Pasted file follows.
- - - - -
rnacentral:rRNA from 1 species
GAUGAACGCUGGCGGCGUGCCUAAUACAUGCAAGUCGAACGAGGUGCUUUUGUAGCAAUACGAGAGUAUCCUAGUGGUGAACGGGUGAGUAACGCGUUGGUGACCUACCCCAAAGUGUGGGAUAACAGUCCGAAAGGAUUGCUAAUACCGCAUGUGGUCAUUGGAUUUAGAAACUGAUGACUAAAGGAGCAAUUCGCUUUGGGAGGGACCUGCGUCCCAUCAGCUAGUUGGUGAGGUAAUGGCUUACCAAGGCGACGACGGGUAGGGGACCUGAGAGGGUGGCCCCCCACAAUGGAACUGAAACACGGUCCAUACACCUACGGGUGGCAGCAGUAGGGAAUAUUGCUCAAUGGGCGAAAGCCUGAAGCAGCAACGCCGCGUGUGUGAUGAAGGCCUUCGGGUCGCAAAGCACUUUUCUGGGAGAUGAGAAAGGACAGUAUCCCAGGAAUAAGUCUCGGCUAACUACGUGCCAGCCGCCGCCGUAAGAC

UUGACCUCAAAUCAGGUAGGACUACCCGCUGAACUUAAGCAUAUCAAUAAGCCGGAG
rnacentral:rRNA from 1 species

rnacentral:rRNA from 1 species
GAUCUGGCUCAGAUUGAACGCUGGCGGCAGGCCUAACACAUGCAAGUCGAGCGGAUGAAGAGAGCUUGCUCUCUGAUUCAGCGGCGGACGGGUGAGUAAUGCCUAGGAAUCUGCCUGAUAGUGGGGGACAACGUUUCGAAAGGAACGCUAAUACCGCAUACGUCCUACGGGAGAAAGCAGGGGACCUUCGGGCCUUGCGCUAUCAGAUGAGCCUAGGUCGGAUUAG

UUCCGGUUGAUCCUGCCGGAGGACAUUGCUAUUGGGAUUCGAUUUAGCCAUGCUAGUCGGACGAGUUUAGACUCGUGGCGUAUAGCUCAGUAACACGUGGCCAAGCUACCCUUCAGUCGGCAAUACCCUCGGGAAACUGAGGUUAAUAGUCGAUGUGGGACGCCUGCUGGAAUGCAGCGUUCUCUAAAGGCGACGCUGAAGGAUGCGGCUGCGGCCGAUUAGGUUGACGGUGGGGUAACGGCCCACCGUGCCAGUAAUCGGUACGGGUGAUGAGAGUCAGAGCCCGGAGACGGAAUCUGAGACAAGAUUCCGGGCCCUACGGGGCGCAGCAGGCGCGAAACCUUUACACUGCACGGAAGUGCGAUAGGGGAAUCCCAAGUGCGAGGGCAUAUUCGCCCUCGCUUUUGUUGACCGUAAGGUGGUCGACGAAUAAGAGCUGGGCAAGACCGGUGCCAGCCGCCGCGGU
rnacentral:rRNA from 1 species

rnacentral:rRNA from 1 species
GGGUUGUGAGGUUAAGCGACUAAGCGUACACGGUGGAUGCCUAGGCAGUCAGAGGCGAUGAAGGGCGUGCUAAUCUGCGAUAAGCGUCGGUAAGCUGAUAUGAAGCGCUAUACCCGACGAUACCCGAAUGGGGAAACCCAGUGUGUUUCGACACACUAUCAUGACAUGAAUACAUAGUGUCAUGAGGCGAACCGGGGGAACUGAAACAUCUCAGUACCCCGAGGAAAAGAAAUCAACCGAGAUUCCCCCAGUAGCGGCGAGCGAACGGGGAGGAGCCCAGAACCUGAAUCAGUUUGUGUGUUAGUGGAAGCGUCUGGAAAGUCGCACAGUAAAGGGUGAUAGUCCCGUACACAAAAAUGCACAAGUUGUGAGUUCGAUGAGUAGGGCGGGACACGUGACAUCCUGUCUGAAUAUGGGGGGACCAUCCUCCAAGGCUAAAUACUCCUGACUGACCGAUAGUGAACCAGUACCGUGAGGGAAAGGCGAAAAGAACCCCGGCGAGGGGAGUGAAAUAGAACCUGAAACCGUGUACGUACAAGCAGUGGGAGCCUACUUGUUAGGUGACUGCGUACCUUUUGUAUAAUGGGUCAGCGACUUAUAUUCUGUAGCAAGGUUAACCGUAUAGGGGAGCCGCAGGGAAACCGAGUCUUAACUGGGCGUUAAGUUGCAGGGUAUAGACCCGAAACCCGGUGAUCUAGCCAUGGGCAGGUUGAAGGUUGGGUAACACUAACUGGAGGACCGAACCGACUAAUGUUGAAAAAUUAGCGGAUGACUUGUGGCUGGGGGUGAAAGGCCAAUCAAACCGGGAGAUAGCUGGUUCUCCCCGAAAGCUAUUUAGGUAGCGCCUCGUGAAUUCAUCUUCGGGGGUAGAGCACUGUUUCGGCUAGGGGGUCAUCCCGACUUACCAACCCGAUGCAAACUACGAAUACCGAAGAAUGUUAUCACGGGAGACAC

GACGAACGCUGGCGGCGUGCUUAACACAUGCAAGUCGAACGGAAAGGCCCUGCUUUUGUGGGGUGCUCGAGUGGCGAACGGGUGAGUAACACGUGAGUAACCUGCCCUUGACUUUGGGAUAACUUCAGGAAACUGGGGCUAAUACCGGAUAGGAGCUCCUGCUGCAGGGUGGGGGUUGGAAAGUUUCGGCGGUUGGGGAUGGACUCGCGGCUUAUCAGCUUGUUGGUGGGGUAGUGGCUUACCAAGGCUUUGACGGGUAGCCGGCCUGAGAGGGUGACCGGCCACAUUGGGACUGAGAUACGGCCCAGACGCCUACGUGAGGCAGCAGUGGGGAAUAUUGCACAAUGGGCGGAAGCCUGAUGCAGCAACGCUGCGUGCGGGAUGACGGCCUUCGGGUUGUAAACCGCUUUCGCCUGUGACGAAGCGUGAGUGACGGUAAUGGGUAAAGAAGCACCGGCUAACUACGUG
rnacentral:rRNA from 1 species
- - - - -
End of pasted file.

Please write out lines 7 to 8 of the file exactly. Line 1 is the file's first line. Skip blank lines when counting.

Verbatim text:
UUCCGGUUGAUCCUGCCGGAGGACAUUGCUAUUGGGAUUCGAUUUAGCCAUGCUAGUCGGACGAGUUUAGACUCGUGGCGUAUAGCUCAGUAACACGUGGCCAAGCUACCCUUCAGUCGGCAAUACCCUCGGGAAACUGAGGUUAAUAGUCGAUGUGGGACGCCUGCUGGAAUGCAGCGUUCUCUAAAGGCGACGCUGAAGGAUGCGGCUGCGGCCGAUUAGGUUGACGGUGGGGUAACGGCCCACCGUGCCAGUAAUCGGUACGGGUGAUGAGAGUCAGAGCCCGGAGACGGAAUCUGAGACAAGAUUCCGGGCCCUACGGGGCGCAGCAGGCGCGAAACCUUUACACUGCACGGAAGUGCGAUAGGGGAAUCCCAAGUGCGAGGGCAUAUUCGCCCUCGCUUUUGUUGACCGUAAGGUGGUCGACGAAUAAGAGCUGGGCAAGACCGGUGCCAGCCGCCGCGGU
rnacentral:rRNA from 1 species